Password protection is a main used feature of htaccess. It is also a bit more difficult to setup and use.
The first thing you have to do is create a new file. This one is called the .htpasswd file. (Notice the file name/extension resemblance to our current subject.) This type of file is created and saved in the same fashion as the htaccess file. The htpasswd file will contain user names and their passwords.
Now that you have the file created, you have to enter the information into it. The information is stored such like... username:password username:password username:password
The username, a colon, and password are on individual lines and do not have any spaces at the end of each line.
Seems easy so far? Well, it's time to toss in a bit of trouble now. The username parts are easy enough as they remain in "real" english. The password parts however must be encrypted. That means it has to be scrambled into a code. This helps our cause for security considering you ARE password protecting something here.
Need to encrypt the password? There are many online scripts available that do this for you. Just do a quick internet search and you should find them. We offer this online service for you through the link below.
OK, you have the file created, you have the usernames and passwords entered. Ready for another twist? The file must be uploaded in ASCII format and stored above your WWW or public_html folder. That is, in your online root (home) folder. (You may have to ask your host provider exactly what path this is and where it is located.)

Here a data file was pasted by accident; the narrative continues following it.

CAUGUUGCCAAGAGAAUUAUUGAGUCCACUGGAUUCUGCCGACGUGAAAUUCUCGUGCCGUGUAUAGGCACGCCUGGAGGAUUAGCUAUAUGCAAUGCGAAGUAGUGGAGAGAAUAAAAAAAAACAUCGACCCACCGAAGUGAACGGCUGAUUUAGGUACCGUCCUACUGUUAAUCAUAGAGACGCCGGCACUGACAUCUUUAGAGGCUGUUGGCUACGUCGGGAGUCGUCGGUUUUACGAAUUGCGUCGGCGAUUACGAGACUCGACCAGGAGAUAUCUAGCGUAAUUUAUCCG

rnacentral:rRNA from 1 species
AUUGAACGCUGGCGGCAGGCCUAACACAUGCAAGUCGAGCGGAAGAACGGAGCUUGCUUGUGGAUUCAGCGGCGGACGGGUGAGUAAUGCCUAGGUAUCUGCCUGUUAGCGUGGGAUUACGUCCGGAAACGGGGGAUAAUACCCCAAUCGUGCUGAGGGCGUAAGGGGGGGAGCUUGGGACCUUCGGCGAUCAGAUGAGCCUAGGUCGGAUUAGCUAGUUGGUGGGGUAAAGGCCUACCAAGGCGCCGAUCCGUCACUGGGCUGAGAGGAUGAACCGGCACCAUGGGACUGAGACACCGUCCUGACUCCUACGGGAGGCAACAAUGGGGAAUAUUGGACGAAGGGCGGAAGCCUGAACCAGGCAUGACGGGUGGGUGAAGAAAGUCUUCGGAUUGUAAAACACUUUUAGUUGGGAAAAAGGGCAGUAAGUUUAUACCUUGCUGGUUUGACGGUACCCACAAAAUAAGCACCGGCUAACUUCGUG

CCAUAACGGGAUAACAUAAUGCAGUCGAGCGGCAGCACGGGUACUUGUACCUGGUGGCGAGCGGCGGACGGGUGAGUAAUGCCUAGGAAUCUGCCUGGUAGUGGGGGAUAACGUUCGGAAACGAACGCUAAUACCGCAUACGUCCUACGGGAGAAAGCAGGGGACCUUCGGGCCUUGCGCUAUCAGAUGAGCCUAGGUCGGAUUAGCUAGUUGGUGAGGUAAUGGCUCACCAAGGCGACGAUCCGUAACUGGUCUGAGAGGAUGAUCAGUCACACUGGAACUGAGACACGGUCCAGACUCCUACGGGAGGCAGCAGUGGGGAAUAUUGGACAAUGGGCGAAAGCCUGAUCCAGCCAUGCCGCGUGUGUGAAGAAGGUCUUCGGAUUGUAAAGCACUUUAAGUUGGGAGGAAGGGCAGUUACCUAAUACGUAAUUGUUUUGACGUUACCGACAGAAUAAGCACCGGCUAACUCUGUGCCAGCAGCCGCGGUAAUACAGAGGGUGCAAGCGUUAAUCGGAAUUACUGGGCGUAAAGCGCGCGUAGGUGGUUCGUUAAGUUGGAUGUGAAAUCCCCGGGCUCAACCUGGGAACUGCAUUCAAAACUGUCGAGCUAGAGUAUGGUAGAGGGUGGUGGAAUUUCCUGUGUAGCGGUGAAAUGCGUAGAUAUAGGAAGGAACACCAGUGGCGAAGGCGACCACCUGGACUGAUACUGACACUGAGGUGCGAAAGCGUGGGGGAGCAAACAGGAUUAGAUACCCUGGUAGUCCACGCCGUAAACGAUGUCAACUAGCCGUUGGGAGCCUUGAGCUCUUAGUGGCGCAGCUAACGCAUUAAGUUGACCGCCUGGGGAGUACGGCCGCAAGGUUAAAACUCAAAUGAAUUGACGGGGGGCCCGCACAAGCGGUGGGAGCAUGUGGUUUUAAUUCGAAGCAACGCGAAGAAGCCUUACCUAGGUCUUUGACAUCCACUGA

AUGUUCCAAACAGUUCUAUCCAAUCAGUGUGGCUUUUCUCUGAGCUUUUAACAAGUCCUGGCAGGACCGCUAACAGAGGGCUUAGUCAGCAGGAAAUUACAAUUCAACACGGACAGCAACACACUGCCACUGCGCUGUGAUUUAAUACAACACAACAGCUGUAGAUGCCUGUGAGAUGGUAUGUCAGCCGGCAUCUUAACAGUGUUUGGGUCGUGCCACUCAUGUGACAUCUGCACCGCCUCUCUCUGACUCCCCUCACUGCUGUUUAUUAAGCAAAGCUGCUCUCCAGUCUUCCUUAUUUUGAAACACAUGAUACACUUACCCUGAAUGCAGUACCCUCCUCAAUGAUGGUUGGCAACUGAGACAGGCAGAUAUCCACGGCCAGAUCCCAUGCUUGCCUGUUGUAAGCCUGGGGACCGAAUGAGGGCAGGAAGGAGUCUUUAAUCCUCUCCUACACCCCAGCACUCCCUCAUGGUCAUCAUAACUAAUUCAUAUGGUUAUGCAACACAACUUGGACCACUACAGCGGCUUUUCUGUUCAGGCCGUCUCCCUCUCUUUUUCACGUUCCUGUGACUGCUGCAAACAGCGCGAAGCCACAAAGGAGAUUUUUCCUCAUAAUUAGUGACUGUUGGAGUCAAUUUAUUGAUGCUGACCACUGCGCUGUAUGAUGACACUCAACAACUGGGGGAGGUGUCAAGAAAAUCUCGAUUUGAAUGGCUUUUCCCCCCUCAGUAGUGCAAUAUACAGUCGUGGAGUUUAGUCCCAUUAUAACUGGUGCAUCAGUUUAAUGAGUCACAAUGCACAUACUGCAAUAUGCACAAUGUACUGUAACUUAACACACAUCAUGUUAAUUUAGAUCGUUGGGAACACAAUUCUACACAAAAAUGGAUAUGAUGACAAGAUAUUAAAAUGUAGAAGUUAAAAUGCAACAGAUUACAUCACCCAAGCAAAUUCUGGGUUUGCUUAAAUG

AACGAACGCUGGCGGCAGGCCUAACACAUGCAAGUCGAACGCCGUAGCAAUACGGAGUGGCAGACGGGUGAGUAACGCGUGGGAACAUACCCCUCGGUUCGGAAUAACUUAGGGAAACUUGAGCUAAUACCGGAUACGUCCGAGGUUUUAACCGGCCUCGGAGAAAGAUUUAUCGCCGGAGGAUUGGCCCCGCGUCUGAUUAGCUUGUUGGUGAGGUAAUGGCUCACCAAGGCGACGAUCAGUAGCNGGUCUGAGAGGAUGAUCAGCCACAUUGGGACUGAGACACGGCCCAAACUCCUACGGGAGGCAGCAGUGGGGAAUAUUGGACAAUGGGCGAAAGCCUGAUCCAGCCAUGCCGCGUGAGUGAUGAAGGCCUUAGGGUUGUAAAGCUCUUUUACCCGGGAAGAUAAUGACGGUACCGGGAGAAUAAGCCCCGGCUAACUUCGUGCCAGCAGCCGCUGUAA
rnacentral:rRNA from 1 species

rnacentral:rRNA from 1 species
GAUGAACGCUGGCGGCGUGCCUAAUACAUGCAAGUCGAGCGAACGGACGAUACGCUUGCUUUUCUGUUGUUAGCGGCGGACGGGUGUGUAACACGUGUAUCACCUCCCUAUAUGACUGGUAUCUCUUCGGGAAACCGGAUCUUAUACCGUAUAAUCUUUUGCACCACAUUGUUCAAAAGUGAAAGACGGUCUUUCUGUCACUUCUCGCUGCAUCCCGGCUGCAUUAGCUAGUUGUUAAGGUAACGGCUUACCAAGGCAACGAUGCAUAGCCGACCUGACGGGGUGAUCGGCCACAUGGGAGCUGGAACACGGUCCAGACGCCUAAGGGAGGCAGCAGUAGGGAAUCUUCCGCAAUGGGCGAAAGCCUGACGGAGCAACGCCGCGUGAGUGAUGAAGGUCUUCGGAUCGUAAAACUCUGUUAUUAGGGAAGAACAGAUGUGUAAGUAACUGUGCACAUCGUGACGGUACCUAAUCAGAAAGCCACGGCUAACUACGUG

If you are done all of that, it's time to move onto the htaccess part of the show...
As stated in a previous page, the htaccess file will affect the current directory only plus any subdirectories connected to it. So be sure you are placing this into the right place. Sometimes just one directory part needs protection, sometimes the whole site.
Here is the coding to add to the htaccess file:
Lets break this down to an understandable level now. Starting with the first line.
This lets the browser find the right path to find the htpasswd file you created and saved earlier. After the AuthUserFile you enter a forward slash then continue on with the path leading to the actual filename.
There are a couple of different flavors of encryption processing. Basic is the most common and used.
AuthName "Secret Place"
The value in quotes will appear as the title in the popup message box when the visitor hits the protected area.
This tells the browser to check the entered information against the saved htpasswd file.
And that's it. Now when a visitor tries to access a page within a protected directory, they will get a popup asking them for a username and password. If they enter bad information, they will get directed to an error page.
If you wanted to password protect a specific page only, you can try this as your htaccess coding:
You can protect the actual .htaccess file from being viewed by visitors by using this code: